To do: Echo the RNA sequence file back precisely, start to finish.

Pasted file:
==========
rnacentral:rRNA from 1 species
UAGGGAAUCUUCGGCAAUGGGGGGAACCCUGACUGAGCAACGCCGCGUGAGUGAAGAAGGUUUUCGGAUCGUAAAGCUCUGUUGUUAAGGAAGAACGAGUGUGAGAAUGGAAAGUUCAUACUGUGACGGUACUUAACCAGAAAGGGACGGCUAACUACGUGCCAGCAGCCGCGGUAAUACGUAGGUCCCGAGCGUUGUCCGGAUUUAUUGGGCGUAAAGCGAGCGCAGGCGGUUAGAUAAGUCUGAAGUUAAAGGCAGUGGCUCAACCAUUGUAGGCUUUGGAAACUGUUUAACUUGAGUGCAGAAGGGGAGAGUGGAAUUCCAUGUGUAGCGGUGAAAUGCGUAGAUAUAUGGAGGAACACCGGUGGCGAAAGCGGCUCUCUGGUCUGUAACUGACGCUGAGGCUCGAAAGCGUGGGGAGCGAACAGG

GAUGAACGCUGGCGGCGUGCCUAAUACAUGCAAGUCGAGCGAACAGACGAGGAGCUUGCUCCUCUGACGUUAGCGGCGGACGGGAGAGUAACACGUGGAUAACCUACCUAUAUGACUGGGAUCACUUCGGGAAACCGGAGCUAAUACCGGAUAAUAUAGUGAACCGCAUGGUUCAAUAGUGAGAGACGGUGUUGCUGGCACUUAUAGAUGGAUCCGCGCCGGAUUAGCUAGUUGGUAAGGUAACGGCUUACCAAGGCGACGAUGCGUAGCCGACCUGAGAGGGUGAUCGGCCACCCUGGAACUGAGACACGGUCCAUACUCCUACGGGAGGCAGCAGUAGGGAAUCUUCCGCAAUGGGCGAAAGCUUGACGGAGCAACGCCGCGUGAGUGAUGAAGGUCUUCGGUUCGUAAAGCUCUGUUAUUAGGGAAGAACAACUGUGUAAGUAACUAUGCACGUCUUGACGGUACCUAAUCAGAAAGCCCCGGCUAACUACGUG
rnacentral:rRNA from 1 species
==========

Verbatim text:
rnacentral:rRNA from 1 species
UAGGGAAUCUUCGGCAAUGGGGGGAACCCUGACUGAGCAACGCCGCGUGAGUGAAGAAGGUUUUCGGAUCGUAAAGCUCUGUUGUUAAGGAAGAACGAGUGUGAGAAUGGAAAGUUCAUACUGUGACGGUACUUAACCAGAAAGGGACGGCUAACUACGUGCCAGCAGCCGCGGUAAUACGUAGGUCCCGAGCGUUGUCCGGAUUUAUUGGGCGUAAAGCGAGCGCAGGCGGUUAGAUAAGUCUGAAGUUAAAGGCAGUGGCUCAACCAUUGUAGGCUUUGGAAACUGUUUAACUUGAGUGCAGAAGGGGAGAGUGGAAUUCCAUGUGUAGCGGUGAAAUGCGUAGAUAUAUGGAGGAACACCGGUGGCGAAAGCGGCUCUCUGGUCUGUAACUGACGCUGAGGCUCGAAAGCGUGGGGAGCGAACAGG

GAUGAACGCUGGCGGCGUGCCUAAUACAUGCAAGUCGAGCGAACAGACGAGGAGCUUGCUCCUCUGACGUUAGCGGCGGACGGGAGAGUAACACGUGGAUAACCUACCUAUAUGACUGGGAUCACUUCGGGAAACCGGAGCUAAUACCGGAUAAUAUAGUGAACCGCAUGGUUCAAUAGUGAGAGACGGUGUUGCUGGCACUUAUAGAUGGAUCCGCGCCGGAUUAGCUAGUUGGUAAGGUAACGGCUUACCAAGGCGACGAUGCGUAGCCGACCUGAGAGGGUGAUCGGCCACCCUGGAACUGAGACACGGUCCAUACUCCUACGGGAGGCAGCAGUAGGGAAUCUUCCGCAAUGGGCGAAAGCUUGACGGAGCAACGCCGCGUGAGUGAUGAAGGUCUUCGGUUCGUAAAGCUCUGUUAUUAGGGAAGAACAACUGUGUAAGUAACUAUGCACGUCUUGACGGUACCUAAUCAGAAAGCCCCGGCUAACUACGUG
rnacentral:rRNA from 1 species